Friday, March 18, 2011

What would you do if I sang out of tune, would you stand up and walk out on me?

“I know you don’t realize it now, but background becomes very important in a relationship. It could really come between you.”
I shrugged off the advice. What did my mother know anyway? She’d lived in Rochester her whole life, married a man from Rochester, raised kids in Rochester. All in an era when it was expected for women to really make something of herself; create an equal partnership with someone from their class, their upbringing, their morals and values. I grew up knowing I’d marry someone just like she did. My husband’s parents and my parents would be great friends. Our moms would meet for coffee in our hometown. Our dads would go golfing.

And then I met TC. And he broke every expectation I had for a partner. Certain things became important that I never knew I needed. He turned into my best friend. The best advice giver. My protector. My clown. My head-over-heels love affair. He grew up in the antithesis of my household. His parents were both addicts in different ways. His mom would fall asleep on the couch in the afternoon when he was 3 and 4 years old, and leave him to make dinner for himself. His dad would drink too much and hit his mother. His mother disappeared for a few years, and then came back. All this was happening while I sat at a clean kitchen table in suburbia and was made to drink my milk before homework and an early bedtime.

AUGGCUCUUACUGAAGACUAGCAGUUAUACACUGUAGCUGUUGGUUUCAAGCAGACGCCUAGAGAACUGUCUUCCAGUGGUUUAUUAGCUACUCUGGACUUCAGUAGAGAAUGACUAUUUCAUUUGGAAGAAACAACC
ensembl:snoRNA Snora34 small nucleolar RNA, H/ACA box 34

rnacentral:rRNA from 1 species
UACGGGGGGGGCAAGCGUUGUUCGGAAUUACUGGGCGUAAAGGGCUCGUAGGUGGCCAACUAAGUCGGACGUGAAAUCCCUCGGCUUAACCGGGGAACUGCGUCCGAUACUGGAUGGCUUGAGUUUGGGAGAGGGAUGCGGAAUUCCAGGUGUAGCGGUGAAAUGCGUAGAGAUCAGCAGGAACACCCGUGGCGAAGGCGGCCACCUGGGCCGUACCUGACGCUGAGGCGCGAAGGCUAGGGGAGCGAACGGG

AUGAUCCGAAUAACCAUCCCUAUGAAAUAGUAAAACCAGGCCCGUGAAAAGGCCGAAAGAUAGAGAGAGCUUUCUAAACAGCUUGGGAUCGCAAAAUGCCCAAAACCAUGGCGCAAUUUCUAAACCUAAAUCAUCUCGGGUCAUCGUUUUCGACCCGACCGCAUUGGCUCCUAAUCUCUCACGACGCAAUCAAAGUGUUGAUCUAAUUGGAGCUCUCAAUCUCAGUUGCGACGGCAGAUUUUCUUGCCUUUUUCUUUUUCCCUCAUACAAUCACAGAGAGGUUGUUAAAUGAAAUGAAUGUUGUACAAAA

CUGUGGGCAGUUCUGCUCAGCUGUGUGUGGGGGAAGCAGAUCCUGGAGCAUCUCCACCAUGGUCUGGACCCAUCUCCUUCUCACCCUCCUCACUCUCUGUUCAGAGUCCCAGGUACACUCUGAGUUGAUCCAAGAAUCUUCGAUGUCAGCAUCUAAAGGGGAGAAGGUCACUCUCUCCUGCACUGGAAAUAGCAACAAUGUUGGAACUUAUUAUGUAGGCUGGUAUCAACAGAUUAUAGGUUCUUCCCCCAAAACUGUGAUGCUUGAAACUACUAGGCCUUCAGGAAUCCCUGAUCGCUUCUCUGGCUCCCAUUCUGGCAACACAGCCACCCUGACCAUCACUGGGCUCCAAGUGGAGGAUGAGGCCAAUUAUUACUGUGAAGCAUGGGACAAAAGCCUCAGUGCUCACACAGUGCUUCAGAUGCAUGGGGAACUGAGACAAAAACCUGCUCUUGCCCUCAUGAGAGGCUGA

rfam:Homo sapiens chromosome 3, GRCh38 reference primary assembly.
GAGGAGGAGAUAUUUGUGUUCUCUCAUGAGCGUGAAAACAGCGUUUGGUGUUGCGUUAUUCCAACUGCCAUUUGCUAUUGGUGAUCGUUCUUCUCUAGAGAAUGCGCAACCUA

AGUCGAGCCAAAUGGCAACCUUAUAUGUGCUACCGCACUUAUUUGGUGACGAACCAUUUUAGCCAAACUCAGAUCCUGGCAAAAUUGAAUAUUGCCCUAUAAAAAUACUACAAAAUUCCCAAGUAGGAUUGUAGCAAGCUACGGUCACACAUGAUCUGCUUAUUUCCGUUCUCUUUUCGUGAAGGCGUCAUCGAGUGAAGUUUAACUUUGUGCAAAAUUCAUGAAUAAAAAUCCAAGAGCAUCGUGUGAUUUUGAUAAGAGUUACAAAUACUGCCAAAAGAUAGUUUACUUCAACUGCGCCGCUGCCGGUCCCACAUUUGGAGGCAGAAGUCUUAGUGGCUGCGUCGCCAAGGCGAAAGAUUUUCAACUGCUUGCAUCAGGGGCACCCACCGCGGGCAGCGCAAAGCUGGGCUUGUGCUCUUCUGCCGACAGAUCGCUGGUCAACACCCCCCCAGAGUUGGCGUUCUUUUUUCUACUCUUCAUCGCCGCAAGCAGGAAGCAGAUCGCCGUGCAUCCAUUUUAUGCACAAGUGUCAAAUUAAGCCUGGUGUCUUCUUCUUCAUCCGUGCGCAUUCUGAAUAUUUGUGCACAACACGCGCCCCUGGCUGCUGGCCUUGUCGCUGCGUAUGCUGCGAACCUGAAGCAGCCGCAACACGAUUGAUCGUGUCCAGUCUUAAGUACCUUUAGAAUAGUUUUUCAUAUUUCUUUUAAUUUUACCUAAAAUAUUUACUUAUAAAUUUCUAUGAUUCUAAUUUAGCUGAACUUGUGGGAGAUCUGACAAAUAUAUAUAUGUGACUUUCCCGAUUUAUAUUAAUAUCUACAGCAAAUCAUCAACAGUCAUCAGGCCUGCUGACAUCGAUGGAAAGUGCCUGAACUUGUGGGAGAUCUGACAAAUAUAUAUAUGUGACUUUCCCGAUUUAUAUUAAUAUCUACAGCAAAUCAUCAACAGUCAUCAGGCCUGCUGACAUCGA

Yesterday I met his mother. He loves her. Of course he does. But I can not help but listen to her talk and judge her based on the stories that I know. “When TC was little, he got scarlet fever. And when I took him to the emergency room, they said, ‘Why did you wait so long to bring him in?! Why didn’t you bring him in at the first signs?!’ As if I would wait to bring my sick son to the emergency room!” But I knew that she probably had. I hated her for it. I smiled at all of her stories, her non stop stories, and acted interested when she went on and on about horror movies. She pestered the waitress for Coors Lite. No Coors? Michelob Ultra. And make sure it’s VERY cold! Is this cold? Did you pull it from the bottom?

Suddenly I pictured myself years from now. At a small, dirty house in Colorado with this woman at Christmas time. Heavy drinking. Smiling along with her stories. “You seen the Exorcist? I own it.” My holidays. My holidays that are usually so bright and cheerful and involve omelets and stockings and my mother apologizing for always giving me something corny like a Yo Yo because, “I just can’t help it.” These things are important to me. How can I give this up?

I know you don’t realize it now, but background becomes very important in a relationship. I haven’t talked to him about it. I don’t know that I will. Somewhere along the line, background became important. I just can’t force myself to look at it yet.

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